· 2 min read · News

Senior managers don't want 'apprentice' label


Deeply ingrained stereotypes mean apprenticeships have been dismissed by senior managers

More than half (58%) of employers believe middle and senior managers would be unwilling to be seen as apprentices, despite recent efforts to broaden apprenticeships to cover all seniority levels, new research from ILM has found.

The research from the leadership qualifications provider found that stigma exists around apprenticeships among senior-level employees, with 53% of the 1,000 UK HR decision-makers surveyed citing reputation and image as the main reason employees would not want to participate. The implication that a senior employee needs additional support was another reason cited (by 41%).

These misconceptions could be causing mid- and senior-level employees to miss out on opportunities to improve their leadership skills and leave businesses at a disadvantage by failing to use the levy to fund leadership and management training.

The research found that just a quarter (25%) of those currently running a formal leadership training programme to help fill management or leadership roles would consider using apprenticeships to upskill middle managers, and fewer (21%) to develop senior managers.

Jake Tween, head of apprenticeships at ILM, said: “Deeply ingrained associations with trade, low wages and a perception that they put a glass ceiling on progression, mean that apprenticeships have long been dismissed by those aspiring to seniority, and it’s time to put an end to it.

“We must work collectively – government, employers, and providers – if we are to get to a place where these prejudices are considered outdated."

The research also showed that just 37% of UK businesses are very confident about their long-term supply of leaders and managers.

Some organisations have set out schemes to help employers develop leaders. Earlier this month the first apprentices on the CMI and Coventry University's new chartered manager degree apprenticeship scheme completed their qualifications, achieving a degree and CMI diploma in management and leadership.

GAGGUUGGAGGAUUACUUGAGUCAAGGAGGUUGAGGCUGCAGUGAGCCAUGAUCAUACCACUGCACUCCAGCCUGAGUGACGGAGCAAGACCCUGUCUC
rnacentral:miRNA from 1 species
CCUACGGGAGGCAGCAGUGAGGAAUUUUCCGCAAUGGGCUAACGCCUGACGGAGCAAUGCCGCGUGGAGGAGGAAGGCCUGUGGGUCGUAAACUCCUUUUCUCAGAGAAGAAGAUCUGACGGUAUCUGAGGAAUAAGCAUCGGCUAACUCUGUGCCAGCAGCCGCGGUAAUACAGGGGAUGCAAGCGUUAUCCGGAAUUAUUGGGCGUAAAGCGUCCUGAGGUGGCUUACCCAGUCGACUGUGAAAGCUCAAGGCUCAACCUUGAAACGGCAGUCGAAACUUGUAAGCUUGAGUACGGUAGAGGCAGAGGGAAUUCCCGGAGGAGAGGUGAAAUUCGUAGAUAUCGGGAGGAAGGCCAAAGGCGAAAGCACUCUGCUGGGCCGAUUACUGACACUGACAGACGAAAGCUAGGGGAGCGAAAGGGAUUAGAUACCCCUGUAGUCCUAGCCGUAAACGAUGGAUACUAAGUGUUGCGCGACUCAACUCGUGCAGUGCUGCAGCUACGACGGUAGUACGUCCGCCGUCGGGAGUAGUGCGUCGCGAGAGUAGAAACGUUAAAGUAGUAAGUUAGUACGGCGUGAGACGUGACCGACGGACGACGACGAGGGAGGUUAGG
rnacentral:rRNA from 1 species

The CMI’s director of strategy and external affairs, Petra Wilton told HR magazine: “There are of course some outdated understandings of what an apprenticeship is, but in reality there is significant interest from employees of all seniorities. We have hundreds of people waiting in the wings to get on our scheme because they are drawn to the fact that these apprenticeships can offer professional recognition, degree status, and work-based learning all in one.”

This research comes a week after the UK government approved an £18,000 funding allocation for higher-level skills, MBAs and degree apprenticeships. Around 900 executive-level apprentices will be able to begin their courses now this funding band for the Senior Leader Master’s Degree Apprenticeship has been confirmed.

However, the move was met with criticism from those who claim employers will rebadge existing training activities as apprenticeships to receive government funding top-ups. The CIPD has warned that this could be counterintuitive to the purpose of the levy and could do little to upskill the workforce and increase apprenticeship uptake.

Wilton said though that while some organisations may have already offered similar training opportunities, the levy “has forced businesses to realign all programmes into one place to meet the necessary standards.

“For some managers this is giving them opportunities for the first time in their careers to receive management-specific training rather than function-specific training,” she said.